Visiting the shelling capital of the world with kids
Are you the kind of person who gets a little bored just sitting on the beach? Do you also not really love swimming in the ocean for hours on end (but your kids do)? Have I ever got the family beach vacation for you: a week on Sanibel Island.
Low-key Sanibel Island is the shelling capital of the world. Believe it or not, people travel here from all over the world just to go beach combing — it’s that good. Even better, you can bring the whole family. The island is half wildlife sanctuary (birds, snakes, turtles, and alligators) and criss-crossed by wonderful bike paths that are totally separate from the road.
You won’t find any 5-star resorts, but you will find laid back luxury, warm water, white sand, and shelling so good it’ll have you planning your return trip within minutes of stepping on the beach.
Why so many darn shells?
Sanibel is a barrier island shaped kind of like a banana. The coastline runs west to east (rather than north to south), and sticking out into the Atlantic like it does, it catches shells from the Caribbean. Lots of shells, over 300 species, in fact. Especially after storms and extreme tides. And they are very, very easy to find too. No scuba diving, no long boat rides, just take a walk on the beach.
How to strike it rich
First, pay attention to the tide charts. Ideal times to go are from one hour before to one hour after low tide. The wonderful website, I Love Shelling, is a great place to get real-time information on conditions (as well as a glimpse into the weird and wonderful world of shelling). Before you know it, you’ll be on a personal quest for some of the rarest finds!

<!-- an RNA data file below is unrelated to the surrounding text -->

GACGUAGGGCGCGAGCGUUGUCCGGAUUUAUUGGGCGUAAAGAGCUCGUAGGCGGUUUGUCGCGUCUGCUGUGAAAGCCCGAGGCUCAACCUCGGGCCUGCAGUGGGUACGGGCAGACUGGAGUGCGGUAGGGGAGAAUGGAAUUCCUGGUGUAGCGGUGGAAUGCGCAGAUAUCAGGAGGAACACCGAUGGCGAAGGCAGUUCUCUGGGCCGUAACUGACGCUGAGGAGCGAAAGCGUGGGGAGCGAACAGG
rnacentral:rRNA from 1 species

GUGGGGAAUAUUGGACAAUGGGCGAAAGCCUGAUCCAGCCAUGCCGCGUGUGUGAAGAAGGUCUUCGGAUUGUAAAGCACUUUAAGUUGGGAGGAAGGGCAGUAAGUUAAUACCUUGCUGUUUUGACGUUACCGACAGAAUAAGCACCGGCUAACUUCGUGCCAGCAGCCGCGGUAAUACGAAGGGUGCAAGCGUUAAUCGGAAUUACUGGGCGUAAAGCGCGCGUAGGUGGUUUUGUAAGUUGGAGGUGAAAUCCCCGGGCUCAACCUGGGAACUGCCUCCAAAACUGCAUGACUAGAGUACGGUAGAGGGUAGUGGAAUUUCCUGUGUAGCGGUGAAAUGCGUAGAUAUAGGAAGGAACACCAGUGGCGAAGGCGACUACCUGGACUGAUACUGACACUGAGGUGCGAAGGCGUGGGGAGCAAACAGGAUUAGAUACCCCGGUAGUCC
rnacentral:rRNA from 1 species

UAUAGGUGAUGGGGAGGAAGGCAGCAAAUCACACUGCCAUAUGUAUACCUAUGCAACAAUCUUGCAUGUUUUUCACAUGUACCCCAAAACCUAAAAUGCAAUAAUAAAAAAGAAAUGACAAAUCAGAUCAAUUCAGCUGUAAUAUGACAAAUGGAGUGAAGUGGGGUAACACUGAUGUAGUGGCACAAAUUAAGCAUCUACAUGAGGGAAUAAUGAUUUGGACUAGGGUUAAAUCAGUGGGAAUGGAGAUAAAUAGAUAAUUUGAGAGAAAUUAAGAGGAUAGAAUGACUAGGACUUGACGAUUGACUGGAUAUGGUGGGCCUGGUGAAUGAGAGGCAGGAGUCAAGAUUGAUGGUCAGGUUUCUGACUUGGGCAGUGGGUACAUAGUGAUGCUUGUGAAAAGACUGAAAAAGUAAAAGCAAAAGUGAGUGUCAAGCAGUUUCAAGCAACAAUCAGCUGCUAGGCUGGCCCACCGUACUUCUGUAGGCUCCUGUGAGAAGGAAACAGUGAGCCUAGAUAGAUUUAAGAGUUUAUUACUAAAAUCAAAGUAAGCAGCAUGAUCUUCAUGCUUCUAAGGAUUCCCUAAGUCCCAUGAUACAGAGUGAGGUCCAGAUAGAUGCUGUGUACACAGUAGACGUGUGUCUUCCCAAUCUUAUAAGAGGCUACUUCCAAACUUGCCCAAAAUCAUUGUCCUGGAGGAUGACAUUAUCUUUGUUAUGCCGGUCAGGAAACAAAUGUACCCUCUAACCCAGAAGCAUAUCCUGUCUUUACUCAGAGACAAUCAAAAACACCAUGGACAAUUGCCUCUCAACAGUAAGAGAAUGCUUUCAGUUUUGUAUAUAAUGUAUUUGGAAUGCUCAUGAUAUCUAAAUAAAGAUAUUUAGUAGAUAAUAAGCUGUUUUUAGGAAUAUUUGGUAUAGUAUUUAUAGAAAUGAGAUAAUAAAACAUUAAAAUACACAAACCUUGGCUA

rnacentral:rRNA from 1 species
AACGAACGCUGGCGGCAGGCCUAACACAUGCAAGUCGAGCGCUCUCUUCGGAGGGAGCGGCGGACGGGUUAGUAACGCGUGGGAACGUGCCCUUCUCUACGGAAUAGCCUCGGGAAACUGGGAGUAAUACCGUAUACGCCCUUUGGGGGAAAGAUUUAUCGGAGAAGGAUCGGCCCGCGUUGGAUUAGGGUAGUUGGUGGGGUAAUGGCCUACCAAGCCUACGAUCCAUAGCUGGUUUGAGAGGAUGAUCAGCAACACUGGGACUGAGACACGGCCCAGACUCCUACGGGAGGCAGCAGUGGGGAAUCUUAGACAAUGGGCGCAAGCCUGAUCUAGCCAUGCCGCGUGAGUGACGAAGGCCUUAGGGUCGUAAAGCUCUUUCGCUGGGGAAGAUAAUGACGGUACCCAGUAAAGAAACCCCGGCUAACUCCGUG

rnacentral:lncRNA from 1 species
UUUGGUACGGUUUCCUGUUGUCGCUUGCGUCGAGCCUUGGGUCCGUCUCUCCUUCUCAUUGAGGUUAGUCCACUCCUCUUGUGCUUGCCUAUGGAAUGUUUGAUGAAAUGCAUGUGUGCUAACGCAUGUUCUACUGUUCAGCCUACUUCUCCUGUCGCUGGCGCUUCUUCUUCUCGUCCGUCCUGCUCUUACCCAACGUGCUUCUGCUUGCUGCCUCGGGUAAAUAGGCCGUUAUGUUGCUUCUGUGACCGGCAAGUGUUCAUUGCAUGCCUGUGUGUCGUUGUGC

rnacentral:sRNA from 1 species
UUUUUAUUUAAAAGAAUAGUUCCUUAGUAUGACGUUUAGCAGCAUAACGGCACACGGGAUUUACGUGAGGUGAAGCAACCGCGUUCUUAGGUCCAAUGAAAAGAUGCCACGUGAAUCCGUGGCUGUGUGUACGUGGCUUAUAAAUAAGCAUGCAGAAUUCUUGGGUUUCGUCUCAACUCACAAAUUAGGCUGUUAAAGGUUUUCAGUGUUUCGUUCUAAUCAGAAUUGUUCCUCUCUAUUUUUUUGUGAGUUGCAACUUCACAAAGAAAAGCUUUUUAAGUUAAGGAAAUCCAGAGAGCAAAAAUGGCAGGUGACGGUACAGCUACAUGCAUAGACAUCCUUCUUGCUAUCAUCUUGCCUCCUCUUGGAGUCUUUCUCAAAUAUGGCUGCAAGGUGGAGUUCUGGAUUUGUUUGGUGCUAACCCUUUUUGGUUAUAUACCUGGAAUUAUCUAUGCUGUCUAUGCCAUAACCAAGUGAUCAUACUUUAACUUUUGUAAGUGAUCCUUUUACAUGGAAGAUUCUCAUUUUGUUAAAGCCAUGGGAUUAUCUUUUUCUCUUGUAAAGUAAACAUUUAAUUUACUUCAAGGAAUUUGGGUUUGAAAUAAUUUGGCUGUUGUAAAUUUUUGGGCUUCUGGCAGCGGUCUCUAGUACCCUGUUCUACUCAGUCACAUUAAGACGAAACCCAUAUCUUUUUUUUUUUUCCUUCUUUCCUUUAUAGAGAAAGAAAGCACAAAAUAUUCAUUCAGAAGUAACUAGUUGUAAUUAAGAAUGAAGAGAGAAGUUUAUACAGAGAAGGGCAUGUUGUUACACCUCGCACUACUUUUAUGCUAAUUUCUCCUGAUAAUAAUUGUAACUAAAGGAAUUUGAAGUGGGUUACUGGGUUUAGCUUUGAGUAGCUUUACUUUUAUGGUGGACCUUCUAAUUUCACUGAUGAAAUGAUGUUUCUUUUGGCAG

While many of the big conchs and whelks can be found at the water’s edge, I personally had the best time sitting in a shell mound browsing for miniature shells (which are easier to bring home too).
Also, remember the rules: Florida law prohibits the collection of live seashells. It almost killed me to throw back the perfect, shiny olive I found complete with a snail-y creature inside, but it was the right thing to do.
If you have a borderline obsessive personality (ahem), you may find yourself shelling for up to 7 hours a day — it’s honestly that fun. This takes an incredible toll on your neck, back, and thighs, so bring plenty of ibuprofen.
If you go
Depending on where you’re coming from, you can either fly into Miami, rent a car, and drive three hours across a region called “Alligator Alley” (we elected not to do this, since we landed at night) or fly into Ft. Myers, rent a car, and drive 50 minutes to the island. Yes, you will need a car, even if you decide to get around the island mostly by bike.
Sanibel is low-key and family-friendly. What it lacks in 5-star resorts and Michelin-rated restaurants, it more than makes up for in beaches, bike paths, birds, and warm water.
After much research, we opted to stay at the Island Inn. We loved the beachfront location, access to bike paths, and kitchen (so we could save some time on money by not dining out every meal).
Although I was accommodated with a media rate on my trip, the Island Inn did not request that I express any particular point of view. All opinions are my own.